Blockchain technology, in particular, offers value in terms of enabling traceability and transparency in circular trade. In simple terms, blockchain is a digitally distributed, decentralized and public ledger that exists across a network of computer systems. It offers a way to store and retrieve data and transactions that is difficult – or even impossible – to change, hack or cheat. Yet it also faces many challenges including its high energy demand, issues of interoperability between blockchains and a high cost to participate thereby potentially excluding many smaller actors in the supply chain.
Achieving the scale of traceability and transparency needed requires collaboration and coordination between a wide range of stakeholders across multiple jurisdictions. Below is a shortlist of potential solutions for consideration:
1. Targeted capacity-building in low-income countries: Businesses in low-income countries – particularly micro, small and medium-sized enterprises – will experience the biggest technical and financial barriers to complying with traceability and transparency standards and regulations which are being ratcheted up in industrially-advanced countries. Integrating the ~20 million informal waste collectors and recyclers into global traceability and transparency systems in a way which is inclusive and meets the needs of those workers will also be a major challenge. Dedicated support from the international community is needed through targeted assistance programmes, such as the WTO Aid for Trade initiative, which can help finance access to traceability and transparency infrastructure and technologies and provide institutional and workforce training.
2. Embed transparency and traceability requirements into free trade and economic integration agreements. For example, agree joint commitments and mutual recognition for minimum transparency requirements on the circularity of shipped materials and goods or the joint implementation of traceability protocols and systems.
3. Support digital product passport solutions. Digital Product Passports (DPP) could play a pivotal role in facilitating transparency and information exchange throughout the value chain. These passports, akin to a personal passport, contain all pertinent information related to a product including its composition, quality, usage history and recyclability. Such information can be accessed and utilized by relevant stakeholders across the circular value chain. The EU’s eco-design for sustainable products regulation (ESPR) has proposed the use of DPPs for certain categories, such as batteries, to support circularity. The Global Battery Alliance’s ‘Battery Passport’ initiative that plans to develop a global reporting framework to govern the auditing and reporting of ESG parameters across the battery value chain. Dedicated capacity building support to most affected suppliers in low-income countries must be built into the roll out of these solutions from the beginning.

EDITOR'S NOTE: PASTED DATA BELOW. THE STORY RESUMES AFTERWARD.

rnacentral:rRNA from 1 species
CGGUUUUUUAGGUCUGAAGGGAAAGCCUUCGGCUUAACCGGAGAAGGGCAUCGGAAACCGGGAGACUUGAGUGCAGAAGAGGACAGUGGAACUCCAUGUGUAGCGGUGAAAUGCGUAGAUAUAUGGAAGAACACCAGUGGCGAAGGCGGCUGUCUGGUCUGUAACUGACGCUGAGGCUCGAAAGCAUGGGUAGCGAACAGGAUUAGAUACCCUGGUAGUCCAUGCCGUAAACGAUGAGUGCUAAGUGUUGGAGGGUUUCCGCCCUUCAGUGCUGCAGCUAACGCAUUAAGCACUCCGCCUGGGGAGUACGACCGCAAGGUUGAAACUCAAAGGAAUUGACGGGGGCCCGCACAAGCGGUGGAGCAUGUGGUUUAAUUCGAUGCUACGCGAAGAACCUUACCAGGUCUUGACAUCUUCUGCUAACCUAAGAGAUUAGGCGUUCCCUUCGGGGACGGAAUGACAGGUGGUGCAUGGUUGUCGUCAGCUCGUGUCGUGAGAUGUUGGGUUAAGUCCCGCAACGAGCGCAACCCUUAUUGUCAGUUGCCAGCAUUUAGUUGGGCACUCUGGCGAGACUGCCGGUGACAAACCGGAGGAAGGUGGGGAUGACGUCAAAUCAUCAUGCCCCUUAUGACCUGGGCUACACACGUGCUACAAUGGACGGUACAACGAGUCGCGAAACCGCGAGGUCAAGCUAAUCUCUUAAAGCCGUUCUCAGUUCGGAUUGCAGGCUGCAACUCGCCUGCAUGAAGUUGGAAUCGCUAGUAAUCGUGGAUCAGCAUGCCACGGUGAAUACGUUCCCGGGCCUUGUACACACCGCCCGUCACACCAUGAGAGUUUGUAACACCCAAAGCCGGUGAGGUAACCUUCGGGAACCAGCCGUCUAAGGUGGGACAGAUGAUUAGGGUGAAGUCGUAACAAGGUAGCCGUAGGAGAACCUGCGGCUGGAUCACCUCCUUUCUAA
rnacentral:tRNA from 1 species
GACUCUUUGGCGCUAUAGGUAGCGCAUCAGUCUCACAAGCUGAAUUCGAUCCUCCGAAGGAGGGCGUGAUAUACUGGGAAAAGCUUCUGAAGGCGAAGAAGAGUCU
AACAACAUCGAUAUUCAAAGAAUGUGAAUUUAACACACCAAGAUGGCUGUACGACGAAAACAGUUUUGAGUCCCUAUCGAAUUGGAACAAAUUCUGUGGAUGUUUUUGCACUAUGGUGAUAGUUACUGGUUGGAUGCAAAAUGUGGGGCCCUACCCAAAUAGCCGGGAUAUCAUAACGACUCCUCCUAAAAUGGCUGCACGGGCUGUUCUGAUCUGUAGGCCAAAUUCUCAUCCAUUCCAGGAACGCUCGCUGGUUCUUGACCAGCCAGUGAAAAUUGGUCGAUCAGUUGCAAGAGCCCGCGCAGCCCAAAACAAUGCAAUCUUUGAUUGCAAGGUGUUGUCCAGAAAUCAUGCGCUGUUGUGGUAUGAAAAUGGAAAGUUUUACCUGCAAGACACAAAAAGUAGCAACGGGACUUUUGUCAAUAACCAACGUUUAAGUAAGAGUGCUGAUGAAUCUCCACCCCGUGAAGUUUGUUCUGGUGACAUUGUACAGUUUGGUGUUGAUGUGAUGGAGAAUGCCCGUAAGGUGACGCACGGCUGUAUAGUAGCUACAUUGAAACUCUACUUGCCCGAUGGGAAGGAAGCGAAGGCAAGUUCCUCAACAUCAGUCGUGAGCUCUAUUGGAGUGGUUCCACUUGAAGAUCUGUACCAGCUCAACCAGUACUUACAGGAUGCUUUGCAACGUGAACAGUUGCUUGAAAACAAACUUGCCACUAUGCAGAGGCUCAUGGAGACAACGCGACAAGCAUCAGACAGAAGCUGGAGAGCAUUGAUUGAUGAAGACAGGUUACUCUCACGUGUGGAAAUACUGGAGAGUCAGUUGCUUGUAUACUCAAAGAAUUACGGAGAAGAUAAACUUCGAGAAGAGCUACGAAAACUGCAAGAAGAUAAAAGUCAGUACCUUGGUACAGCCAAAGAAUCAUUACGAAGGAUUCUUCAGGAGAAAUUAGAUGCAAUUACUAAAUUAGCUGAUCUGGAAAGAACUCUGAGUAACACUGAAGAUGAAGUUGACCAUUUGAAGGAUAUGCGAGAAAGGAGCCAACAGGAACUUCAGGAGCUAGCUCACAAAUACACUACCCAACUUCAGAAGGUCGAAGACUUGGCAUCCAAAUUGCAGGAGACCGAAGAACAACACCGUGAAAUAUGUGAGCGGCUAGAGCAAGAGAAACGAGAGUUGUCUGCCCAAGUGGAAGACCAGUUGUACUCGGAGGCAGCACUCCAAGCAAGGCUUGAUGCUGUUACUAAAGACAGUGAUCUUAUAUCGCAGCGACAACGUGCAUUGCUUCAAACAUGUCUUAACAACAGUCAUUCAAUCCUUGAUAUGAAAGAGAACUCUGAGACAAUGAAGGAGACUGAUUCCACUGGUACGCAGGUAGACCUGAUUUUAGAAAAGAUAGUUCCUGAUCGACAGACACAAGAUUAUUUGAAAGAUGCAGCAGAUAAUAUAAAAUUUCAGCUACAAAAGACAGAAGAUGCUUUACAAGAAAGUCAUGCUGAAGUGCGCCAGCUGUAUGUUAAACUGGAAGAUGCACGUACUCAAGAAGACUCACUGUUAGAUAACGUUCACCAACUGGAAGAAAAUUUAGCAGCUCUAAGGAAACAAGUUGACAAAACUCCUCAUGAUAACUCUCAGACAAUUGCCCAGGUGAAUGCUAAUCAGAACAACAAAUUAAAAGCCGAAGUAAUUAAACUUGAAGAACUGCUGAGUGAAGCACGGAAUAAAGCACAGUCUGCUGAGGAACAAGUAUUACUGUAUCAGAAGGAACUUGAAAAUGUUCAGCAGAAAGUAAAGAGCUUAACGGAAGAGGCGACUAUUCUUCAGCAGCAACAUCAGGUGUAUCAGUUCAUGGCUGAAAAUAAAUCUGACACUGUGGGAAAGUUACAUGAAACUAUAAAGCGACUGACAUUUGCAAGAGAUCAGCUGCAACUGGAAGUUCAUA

3. Launch pilots to improve circular trade transparency and efficiency
Trusted 'circular' trader schemes - A ‘trusted trader’ scheme is a certification program offered by customs administrations or relevant government agencies to businesses engaged in international trade. A more specialised trusted circular trade initiative could offer greater incentives to traders specialised in the trade waste in which secondary raw materials can be recovered, secondary raw materials, or used goods fit for direct reuse or reuse after repair, refurbishment or remanufacture. An example of trusted trader initiative is the Authorized Economic Operator scheme managed by the World Customs Organisation.
Resource recovery lane - A resource recovery lane may be considered a specialised version of a Green Lane. It would aim to tackle a current pain point faced companies who need reliable, timely and affordable access to secondary raw materials at scale from abroad to make their products more sustainable or to comply with increasing regulatory recycled content requirements, yet who currently face severe delays, administrative hurdles and costs in trying to obtain such resources due to strict and often inconsistent transboundary waste trade regulations. One example is the now completed North Sea Resources Roundabout (NSRR) – a voluntary joint initiative between France, the Netherlands, the UK and the Flanders region of Belgium, aimed at facilitating trade and the transportation of secondary resources such as scrap metal. Other examples include the OECD pre-consented facility.
Establishment of a special economic zone for circularity - such as for waste for recovery, recycling or remanufacturing activities. Such a zone could be used, for instance, if a country wants to prevent circular trade flows, such as those used or remanufactured goods from competing with local industry, or if it has limited capacity to regulate and inspect such shipments. Examples include the Singapore remanufacturing zone, Jurong Eco-City in Singapore, and Tecnológico de Monterrey in Mexico.
Enhanced supply chain traceability and transparency are essential for realizing a global circular economy. Many challenges need to be overcome to ensure that these systems are developed in an equitable and icnlusive way which supports rather than further marginlises the most affected or vulnerable groups in global value chains. The lack of trust between parties, legal requirements and cost are all barriers to achieving this goal. Potential collaborative solutions include embedding transparency in trade agreements, adopting and harmonizing approaches to digital product passports, exploring trusted trader approaches for circular trade and most importantly providing dedicated capacity-building support in low-income countries.